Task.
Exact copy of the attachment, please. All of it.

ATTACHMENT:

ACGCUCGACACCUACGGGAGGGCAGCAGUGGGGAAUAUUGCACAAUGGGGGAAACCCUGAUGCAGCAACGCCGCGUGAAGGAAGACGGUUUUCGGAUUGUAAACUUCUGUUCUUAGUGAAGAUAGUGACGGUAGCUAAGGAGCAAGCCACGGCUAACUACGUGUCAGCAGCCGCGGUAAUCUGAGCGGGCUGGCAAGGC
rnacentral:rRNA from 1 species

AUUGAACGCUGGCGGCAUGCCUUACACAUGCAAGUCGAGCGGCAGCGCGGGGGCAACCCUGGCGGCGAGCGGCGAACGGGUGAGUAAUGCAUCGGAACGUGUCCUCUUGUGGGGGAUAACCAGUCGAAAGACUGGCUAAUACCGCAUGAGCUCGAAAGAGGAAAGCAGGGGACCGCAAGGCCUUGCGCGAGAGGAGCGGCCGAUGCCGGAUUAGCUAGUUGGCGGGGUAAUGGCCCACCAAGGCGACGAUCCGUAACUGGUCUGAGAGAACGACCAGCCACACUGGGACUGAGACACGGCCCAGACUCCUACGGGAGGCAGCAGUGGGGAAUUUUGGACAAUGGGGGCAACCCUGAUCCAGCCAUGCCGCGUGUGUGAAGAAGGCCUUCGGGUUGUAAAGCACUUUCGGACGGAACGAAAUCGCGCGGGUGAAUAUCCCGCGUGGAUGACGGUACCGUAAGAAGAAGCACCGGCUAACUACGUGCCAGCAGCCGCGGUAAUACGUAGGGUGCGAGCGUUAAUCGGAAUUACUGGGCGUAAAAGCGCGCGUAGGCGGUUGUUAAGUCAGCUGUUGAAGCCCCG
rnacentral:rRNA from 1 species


ACGCUCGACACCUACGGGAGGGCAGCAGUGGGGAAUAUUGCACAAUGGGGGAAACCCUGAUGCAGCAACGCCGCGUGAAGGAAGACGGUUUUCGGAUUGUAAACUUCUGUUCUUAGUGAAGAUAGUGACGGUAGCUAAGGAGCAAGCCACGGCUAACUACGUGUCAGCAGCCGCGGUAAUCUGAGCGGGCUGGCAAGGC
rnacentral:rRNA from 1 species

AUUGAACGCUGGCGGCAUGCCUUACACAUGCAAGUCGAGCGGCAGCGCGGGGGCAACCCUGGCGGCGAGCGGCGAACGGGUGAGUAAUGCAUCGGAACGUGUCCUCUUGUGGGGGAUAACCAGUCGAAAGACUGGCUAAUACCGCAUGAGCUCGAAAGAGGAAAGCAGGGGACCGCAAGGCCUUGCGCGAGAGGAGCGGCCGAUGCCGGAUUAGCUAGUUGGCGGGGUAAUGGCCCACCAAGGCGACGAUCCGUAACUGGUCUGAGAGAACGACCAGCCACACUGGGACUGAGACACGGCCCAGACUCCUACGGGAGGCAGCAGUGGGGAAUUUUGGACAAUGGGGGCAACCCUGAUCCAGCCAUGCCGCGUGUGUGAAGAAGGCCUUCGGGUUGUAAAGCACUUUCGGACGGAACGAAAUCGCGCGGGUGAAUAUCCCGCGUGGAUGACGGUACCGUAAGAAGAAGCACCGGCUAACUACGUGCCAGCAGCCGCGGUAAUACGUAGGGUGCGAGCGUUAAUCGGAAUUACUGGGCGUAAAAGCGCGCGUAGGCGGUUGUUAAGUCAGCUGUUGAAGCCCCG
rnacentral:rRNA from 1 species